When I saw his friends', the society he received, it was still worse. Men with long hair, great beards, scarcely combed, badly dressed, who did not hesitate to smoke in my presence, while to listen to them made me quite uncomfortable, so widely opposed were their ideas to mine. They used long words, fine phrases, nothing natural, nothing simple. Then with all this, not a notion of ordinary civilities: you might ask them to dinner twenty times running, and there would be never a call, never a return of any kind. Not even a card or a bonbon on New Year's day. Nothing. Some of these gentry were married and brought their wives to see us. You should have seen the style of these persons! For every day wear, superb toilettes such as thank heaven, I would wear at no time! And so ill-arranged, without order or method. Hair loose, skirts trailing, and such a bold display of their talents! There were some who sang like actresses, played the piano like professors, all talked on every subject just like men. I ask you, is this reasonable?

Ought serious women once married to think of anything but the care of their household? This is what I tried to make my husband understand, when he was vexed at seeing me give up my music. Music is all very well when one is a little girl and has nothing better to do. But candidly, I should consider myself very ridiculous if I sat down every day to the piano.

Oh! I am quite aware that his great complaint against me is that I wished to draw him from the strange society I considered so dangerous for him. "You have driven away all my friends?" he often used to say reproachfully. Yes, I did do so, and I don't regret it. Those creatures would have ended by driving him crazy. After leaving them, he would often spend the night in making rhymes and in marching up and down and talking aloud. As if he were not already sufficiently eccentric and original in himself without being excited by others! What caprices, what whims have I not put up with! Suddenly one morning, he would appear in my room: "Quick, get your hat—we are off to the country." Then one must leave everything, sewing, household affairs, take a carriage, go by rail, spend a mint of money! And I, who only thought of economy! For after all, it is not with fifteen thousand francs (six hundred pounds) a year that one can be counted rich in Paris or make any provision for one's children. At first he used to laugh at my observations, and try to make me laugh; then when he saw how firmly I was resolved to remain serious, he found fault with my simplicity and my taste for home. Am I to blame because I detest theatres and concerts, and those artistic soirees to which he wished to drag me, and where he met his old acquaintances, a lot of scatterbrains, dissipated and Bohemian?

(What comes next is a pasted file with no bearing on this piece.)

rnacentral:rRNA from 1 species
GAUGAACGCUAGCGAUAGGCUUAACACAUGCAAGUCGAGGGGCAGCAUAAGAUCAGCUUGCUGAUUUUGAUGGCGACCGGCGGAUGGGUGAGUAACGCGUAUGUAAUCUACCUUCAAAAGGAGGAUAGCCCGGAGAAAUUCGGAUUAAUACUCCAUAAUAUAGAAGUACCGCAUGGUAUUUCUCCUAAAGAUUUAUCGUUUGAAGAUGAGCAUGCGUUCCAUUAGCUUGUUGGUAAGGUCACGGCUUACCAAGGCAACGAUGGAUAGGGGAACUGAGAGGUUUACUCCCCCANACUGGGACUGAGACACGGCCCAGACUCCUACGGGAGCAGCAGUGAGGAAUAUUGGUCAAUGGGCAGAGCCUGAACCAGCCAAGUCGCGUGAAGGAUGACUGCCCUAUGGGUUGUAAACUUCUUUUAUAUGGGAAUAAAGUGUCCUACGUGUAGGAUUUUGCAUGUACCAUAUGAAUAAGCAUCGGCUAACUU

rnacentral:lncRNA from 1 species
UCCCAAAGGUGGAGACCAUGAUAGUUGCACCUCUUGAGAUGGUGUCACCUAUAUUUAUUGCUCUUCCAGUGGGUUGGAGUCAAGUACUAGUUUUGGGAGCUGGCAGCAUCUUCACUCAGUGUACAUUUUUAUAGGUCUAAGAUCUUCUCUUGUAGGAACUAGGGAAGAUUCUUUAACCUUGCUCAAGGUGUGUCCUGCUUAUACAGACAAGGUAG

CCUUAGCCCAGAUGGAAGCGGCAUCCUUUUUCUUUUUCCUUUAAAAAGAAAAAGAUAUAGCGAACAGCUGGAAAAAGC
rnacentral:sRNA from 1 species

At one time, I thought he was becoming more reasonable. I had managed to with-draw him from his good-for-nothing circle of friends, and to gather round us a society of sensible people, well-settled in life, who might be of use to us. But no! Monsieur was bored. He was always bored, from morning till night. At our little soirees, where I was careful to arrange a whist table and a tea table, all as it should be, he would appear with such a face! in such a temper! When we were alone, it was just the same. Nevertheless, I was full of little attentions. I used to say to him: "Read me something of what you are doing." He recited to me verses, tirades, of which I understood nothing, but I put on an air of interest, and here and there made some little remark, which by the way, inevitably had the knack of annoying him. In a year, working night and day, he could only make of all his rhymes, one single volume which never sold, I said to him: "Ah! you see," just in a reasoning spirit, to bring him to something more comprehensible, more remunerative, He got into a frightful rage, and afterwards sank into a state of gloomy depression which made me very unhappy. My friends advised me as well as they could: "You see, my dear, it is the ennui and bad temper of an unoccupied man. If he worked a little more, he would not be so gloomy."